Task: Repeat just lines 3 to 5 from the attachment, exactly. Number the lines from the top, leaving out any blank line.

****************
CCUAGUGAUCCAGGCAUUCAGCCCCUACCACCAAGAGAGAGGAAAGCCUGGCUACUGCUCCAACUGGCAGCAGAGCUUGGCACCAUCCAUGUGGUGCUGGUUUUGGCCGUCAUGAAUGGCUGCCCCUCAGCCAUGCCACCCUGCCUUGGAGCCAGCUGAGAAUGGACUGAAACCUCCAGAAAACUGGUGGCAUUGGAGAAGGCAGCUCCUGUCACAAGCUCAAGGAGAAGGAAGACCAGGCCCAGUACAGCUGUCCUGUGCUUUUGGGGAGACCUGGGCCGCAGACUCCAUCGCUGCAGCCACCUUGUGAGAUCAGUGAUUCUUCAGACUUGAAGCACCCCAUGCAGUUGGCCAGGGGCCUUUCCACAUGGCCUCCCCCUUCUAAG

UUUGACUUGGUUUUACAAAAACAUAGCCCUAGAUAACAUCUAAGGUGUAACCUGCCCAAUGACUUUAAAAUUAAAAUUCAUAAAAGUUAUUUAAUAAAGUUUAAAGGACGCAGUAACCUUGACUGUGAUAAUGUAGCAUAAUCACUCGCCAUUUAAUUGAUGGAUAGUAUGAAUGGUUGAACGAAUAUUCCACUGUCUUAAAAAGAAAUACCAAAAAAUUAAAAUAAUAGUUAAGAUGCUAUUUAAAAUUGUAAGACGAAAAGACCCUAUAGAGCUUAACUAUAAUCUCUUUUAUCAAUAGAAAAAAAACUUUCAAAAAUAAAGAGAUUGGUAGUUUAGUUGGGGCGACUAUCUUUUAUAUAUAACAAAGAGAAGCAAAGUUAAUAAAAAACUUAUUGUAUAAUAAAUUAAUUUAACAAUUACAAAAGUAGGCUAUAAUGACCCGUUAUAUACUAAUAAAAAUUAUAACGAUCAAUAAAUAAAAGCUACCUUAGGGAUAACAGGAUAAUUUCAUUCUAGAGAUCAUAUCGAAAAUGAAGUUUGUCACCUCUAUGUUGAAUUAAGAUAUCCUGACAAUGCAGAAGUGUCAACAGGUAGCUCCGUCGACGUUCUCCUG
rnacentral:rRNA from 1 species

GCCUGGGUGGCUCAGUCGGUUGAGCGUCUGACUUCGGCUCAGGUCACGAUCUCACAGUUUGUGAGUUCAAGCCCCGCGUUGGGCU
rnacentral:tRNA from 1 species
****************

rnacentral:rRNA from 1 species

GCCUGGGUGGCUCAGUCGGUUGAGCGUCUGACUUCGGCUCAGGUCACGAUCUCACAGUUUGUGAGUUCAAGCCCCGCGUUGGGCU
rnacentral:tRNA from 1 species